After making it safely to Andermatt I found the signs for Furka pass and headed eagerly towards it, ready for the serious hill climbing to begin. There is a long flat section after Andermatt before the climbing begins. Once the climb starts though you begin to ascend rather rapidly with a series of short, sharp switchbacks. The weather at this stage of the ride was beautiful and there were quite a few other cyclists ascending the pass. I overtook 2 and was gaining ground on another without trying too hard. I think the last month of cycle specific training is really starting to pay off now. I reached the top of Furka pass without too much problem, took a few photos and then descended towards Gletsch.
|Furka pass 2,436m|
In Gletsch I stopped for some food. Time was getting on and I didn't want to hang around, but at the same time I wanted to keep up my strength for the following 2 climbs. I loaded up on a large plate of pasta and vegetables, accompanied by a random croissant, and washed down with a bottle of gatorade. I knew that I would need more food later on though, so I took a baguette, crisps and a cake with me in my rucksack. The next pass to tackle was Grimsel, but it wasn't too much of a big deal as from Gletsch you are already joining the Grimsel pass over half way up. In fact the sign just after Gletsch warned of an ascent of only 400 and something metres. So that was basically 2 passes conquered within a few hours of starting the ride.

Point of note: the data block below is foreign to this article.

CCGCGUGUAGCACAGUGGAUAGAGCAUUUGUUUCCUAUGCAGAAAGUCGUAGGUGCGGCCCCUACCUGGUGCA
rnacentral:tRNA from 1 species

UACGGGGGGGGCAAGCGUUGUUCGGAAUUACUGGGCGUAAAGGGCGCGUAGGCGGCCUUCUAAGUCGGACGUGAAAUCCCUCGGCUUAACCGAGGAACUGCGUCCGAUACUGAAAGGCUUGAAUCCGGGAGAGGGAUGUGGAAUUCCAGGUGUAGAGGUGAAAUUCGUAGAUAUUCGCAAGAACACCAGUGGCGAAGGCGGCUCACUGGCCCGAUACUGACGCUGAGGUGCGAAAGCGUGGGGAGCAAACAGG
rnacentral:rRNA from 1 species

|Grimsel pass 2,165m|
The descent down the Grimsel pass is an enjoyable one, but there are quite a few dark tunnels to pass through, where you try to get through as quickly as possible owing to the low visibility and the fact that cars may not see you so well. It is fine as long as the cars see you enter the tunnel, but if they come up from behind and aren't expecting you then it isn't ideal. The other problem with these tunnels is that it is sometimes difficult to make out the road surface, and the likelihood of hitting a pothole without warning in increased. One hopes that the quality of the roads in these tunnels is kept higher than the quality of the surrounding roads, due to this low visibility factor putting cyclists at more risk of an accident which in normal visibility they could avoid.
As I was descending the Grimsel pass towards Innertkirchen where the Susten pass begins, I was keeping an eye on my GPS device's altitude reading. The fact that it was getting lower and lower meant only one thing, that there would be an awful lot of climbing yet to come on the final pass. With this in mind I stopped in Innertkirchen to eat the remainder of the food I was carrying with me, to fuel myself for the ride.
The journey up Susten is a very scenic one as the route passes through lush farmland in it's lower stretches. The temperature by now was a little overwhelming for me, and this combined with the amount I had already climbed in the previous 2 passes, I was beginning to suffer. It was even more apparent how much I was suffering when a veteran cyclist passed me on an uphill section with complete ease. As I reached higher up the pass I felt a few spots of rain, and was praying that it would start to rain properly so I could cool off. My prayers were answered and within 10 minutes or so it was pouring down. It was so refreshing and for once I was enjoying cycling in the rain. The reduction in temperature was so much so that I had to stop and put on my jacket as I was becoming rather cold. The progress up the second half of the pass was constant but slow, and I was stopping to take short breaks for each 500 feet climbed. When I saw the top was approaching I breathed a sigh of relief and pushed steadily onwards. Upon reaching the top itself, I was extremely happy knowing that the worst was over and I had done what I set out to do. I paused to take some pictures of the sign displaying the altitude and then began my descent.
|Susten pass 2,224m|